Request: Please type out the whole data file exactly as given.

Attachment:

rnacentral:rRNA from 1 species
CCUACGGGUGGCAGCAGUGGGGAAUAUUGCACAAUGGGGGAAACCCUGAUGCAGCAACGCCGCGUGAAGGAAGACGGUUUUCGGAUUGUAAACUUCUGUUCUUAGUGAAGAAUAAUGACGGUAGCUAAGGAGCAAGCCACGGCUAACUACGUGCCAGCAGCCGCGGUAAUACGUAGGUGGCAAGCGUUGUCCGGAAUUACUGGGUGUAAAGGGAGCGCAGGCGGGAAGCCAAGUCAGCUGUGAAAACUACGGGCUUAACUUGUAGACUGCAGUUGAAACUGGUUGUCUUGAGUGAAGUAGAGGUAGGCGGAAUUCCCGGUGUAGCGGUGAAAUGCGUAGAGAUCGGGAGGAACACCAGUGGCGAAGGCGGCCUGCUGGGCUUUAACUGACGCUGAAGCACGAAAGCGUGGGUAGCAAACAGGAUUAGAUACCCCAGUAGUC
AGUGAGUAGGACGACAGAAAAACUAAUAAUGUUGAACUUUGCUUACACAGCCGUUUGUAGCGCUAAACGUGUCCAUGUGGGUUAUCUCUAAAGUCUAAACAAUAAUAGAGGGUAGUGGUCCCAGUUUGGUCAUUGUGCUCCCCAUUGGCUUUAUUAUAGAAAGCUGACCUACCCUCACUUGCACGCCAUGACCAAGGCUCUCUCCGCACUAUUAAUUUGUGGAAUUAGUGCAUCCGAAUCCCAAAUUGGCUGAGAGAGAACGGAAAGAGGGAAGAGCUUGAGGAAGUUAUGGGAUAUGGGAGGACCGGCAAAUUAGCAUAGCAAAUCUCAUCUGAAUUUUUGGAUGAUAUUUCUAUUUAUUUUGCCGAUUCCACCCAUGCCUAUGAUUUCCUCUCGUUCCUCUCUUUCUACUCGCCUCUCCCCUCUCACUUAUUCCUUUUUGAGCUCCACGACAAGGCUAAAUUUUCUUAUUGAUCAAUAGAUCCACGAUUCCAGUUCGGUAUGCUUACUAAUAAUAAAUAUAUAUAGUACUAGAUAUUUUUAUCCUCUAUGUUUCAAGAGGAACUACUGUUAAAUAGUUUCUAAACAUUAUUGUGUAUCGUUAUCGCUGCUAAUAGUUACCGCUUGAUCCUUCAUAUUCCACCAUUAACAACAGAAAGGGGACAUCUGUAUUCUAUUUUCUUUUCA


rnacentral:rRNA from 1 species
CCUACGGGUGGCAGCAGUGGGGAAUAUUGCACAAUGGGGGAAACCCUGAUGCAGCAACGCCGCGUGAAGGAAGACGGUUUUCGGAUUGUAAACUUCUGUUCUUAGUGAAGAAUAAUGACGGUAGCUAAGGAGCAAGCCACGGCUAACUACGUGCCAGCAGCCGCGGUAAUACGUAGGUGGCAAGCGUUGUCCGGAAUUACUGGGUGUAAAGGGAGCGCAGGCGGGAAGCCAAGUCAGCUGUGAAAACUACGGGCUUAACUUGUAGACUGCAGUUGAAACUGGUUGUCUUGAGUGAAGUAGAGGUAGGCGGAAUUCCCGGUGUAGCGGUGAAAUGCGUAGAGAUCGGGAGGAACACCAGUGGCGAAGGCGGCCUGCUGGGCUUUAACUGACGCUGAAGCACGAAAGCGUGGGUAGCAAACAGGAUUAGAUACCCCAGUAGUC
AGUGAGUAGGACGACAGAAAAACUAAUAAUGUUGAACUUUGCUUACACAGCCGUUUGUAGCGCUAAACGUGUCCAUGUGGGUUAUCUCUAAAGUCUAAACAAUAAUAGAGGGUAGUGGUCCCAGUUUGGUCAUUGUGCUCCCCAUUGGCUUUAUUAUAGAAAGCUGACCUACCCUCACUUGCACGCCAUGACCAAGGCUCUCUCCGCACUAUUAAUUUGUGGAAUUAGUGCAUCCGAAUCCCAAAUUGGCUGAGAGAGAACGGAAAGAGGGAAGAGCUUGAGGAAGUUAUGGGAUAUGGGAGGACCGGCAAAUUAGCAUAGCAAAUCUCAUCUGAAUUUUUGGAUGAUAUUUCUAUUUAUUUUGCCGAUUCCACCCAUGCCUAUGAUUUCCUCUCGUUCCUCUCUUUCUACUCGCCUCUCCCCUCUCACUUAUUCCUUUUUGAGCUCCACGACAAGGCUAAAUUUUCUUAUUGAUCAAUAGAUCCACGAUUCCAGUUCGGUAUGCUUACUAAUAAUAAAUAUAUAUAGUACUAGAUAUUUUUAUCCUCUAUGUUUCAAGAGGAACUACUGUUAAAUAGUUUCUAAACAUUAUUGUGUAUCGUUAUCGCUGCUAAUAGUUACCGCUUGAUCCUUCAUAUUCCACCAUUAACAACAGAAAGGGGACAUCUGUAUUCUAUUUUCUUUUCA